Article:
Cotton was the king of crops in New Orleans in the 1800s, fueling a shipping boom and helping to expand the city.

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Whites accounted for what percentage of the city's population in 1960?

The city was mostly white in 1960; now, whites account for only a third of the city's people and blacks make up 60 percent of the citizenry.

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How many people died in the 1853 yellow fever epidemic?

In a town of only 154,000, 8,000 dropped dead, in part due to poor living conditions and large populations of mosquitoes.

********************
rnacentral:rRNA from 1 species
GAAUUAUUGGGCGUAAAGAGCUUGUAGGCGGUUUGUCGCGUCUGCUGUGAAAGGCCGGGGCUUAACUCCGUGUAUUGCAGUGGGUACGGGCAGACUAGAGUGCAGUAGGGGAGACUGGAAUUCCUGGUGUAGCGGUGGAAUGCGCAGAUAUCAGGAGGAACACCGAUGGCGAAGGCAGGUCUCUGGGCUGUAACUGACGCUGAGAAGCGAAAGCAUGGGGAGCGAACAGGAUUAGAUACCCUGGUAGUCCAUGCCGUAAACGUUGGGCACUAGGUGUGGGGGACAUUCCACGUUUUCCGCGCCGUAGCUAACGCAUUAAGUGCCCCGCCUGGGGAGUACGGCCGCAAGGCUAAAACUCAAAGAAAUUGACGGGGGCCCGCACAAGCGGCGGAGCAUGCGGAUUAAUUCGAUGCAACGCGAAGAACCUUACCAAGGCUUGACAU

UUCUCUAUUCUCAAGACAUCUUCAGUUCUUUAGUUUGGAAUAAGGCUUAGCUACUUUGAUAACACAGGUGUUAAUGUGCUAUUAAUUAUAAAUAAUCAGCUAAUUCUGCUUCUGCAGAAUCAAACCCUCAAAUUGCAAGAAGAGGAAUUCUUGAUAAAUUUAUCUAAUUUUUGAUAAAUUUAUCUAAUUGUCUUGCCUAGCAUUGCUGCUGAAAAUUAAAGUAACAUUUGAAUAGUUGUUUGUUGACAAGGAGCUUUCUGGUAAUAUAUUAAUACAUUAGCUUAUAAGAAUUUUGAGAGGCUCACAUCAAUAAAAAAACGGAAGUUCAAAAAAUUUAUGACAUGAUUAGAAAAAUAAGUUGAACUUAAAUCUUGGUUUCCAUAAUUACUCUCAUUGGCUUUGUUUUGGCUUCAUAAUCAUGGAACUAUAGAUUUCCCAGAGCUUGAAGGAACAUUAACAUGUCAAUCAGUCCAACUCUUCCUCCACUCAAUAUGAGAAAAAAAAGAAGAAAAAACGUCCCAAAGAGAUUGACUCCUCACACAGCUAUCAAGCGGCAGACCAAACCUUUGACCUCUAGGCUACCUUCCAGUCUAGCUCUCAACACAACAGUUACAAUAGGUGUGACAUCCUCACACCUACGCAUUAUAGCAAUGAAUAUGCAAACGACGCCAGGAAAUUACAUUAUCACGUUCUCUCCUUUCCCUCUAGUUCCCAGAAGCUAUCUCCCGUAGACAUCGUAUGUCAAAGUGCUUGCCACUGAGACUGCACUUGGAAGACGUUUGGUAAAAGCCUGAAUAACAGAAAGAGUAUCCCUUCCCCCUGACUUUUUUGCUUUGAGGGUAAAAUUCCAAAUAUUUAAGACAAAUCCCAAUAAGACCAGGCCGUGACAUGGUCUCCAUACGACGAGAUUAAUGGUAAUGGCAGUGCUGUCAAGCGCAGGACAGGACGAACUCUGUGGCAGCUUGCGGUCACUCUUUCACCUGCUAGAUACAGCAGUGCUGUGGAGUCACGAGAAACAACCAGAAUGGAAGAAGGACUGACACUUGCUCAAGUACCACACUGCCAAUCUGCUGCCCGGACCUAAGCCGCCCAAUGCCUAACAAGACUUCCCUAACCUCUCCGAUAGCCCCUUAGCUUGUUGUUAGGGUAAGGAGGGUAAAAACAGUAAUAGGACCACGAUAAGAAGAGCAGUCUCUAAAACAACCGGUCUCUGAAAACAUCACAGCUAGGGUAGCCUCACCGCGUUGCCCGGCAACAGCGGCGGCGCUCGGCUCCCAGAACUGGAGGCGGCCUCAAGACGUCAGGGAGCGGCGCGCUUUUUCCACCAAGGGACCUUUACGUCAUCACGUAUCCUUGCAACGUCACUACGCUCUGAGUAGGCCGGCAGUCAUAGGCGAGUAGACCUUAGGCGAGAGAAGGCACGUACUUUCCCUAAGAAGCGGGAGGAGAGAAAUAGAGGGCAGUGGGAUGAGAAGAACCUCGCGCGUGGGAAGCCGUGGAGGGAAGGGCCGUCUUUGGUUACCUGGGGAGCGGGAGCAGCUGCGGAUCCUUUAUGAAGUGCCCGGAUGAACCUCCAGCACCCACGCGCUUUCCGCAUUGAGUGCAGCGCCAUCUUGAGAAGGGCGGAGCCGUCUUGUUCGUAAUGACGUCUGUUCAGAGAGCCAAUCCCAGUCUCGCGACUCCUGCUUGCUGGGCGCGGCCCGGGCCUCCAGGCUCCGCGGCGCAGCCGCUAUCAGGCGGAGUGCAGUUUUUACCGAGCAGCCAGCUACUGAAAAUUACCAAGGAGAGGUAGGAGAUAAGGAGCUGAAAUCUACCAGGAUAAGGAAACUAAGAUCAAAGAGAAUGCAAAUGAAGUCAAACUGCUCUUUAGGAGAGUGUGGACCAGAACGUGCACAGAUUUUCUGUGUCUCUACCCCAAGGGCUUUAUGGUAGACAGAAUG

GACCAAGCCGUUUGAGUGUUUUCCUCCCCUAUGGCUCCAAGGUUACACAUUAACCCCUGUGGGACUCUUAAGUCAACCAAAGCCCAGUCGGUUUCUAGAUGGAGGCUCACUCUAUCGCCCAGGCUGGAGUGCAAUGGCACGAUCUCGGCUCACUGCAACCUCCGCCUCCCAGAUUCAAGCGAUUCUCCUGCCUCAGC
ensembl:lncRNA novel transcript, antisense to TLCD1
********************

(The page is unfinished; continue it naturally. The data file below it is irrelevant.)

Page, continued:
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How much of the city was flooded by Hurricane Katrina?

The widespread flooding was a major reason that nearly 1,500 people died during and after the storm.

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Why is New Orleans known as the "birthplace of jazz"?

Although Morton claimed he invented jazz, it preceded him — jazz started in New Orleans in the late 1800s, as mix of ragtime and blues. New Orleans native Armstrong took jazz to the world.

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What was "Storyville?"

Storyville had a raucous reputation, and it was officially "closed" in 1917 at the insistence of the U.S. Navy.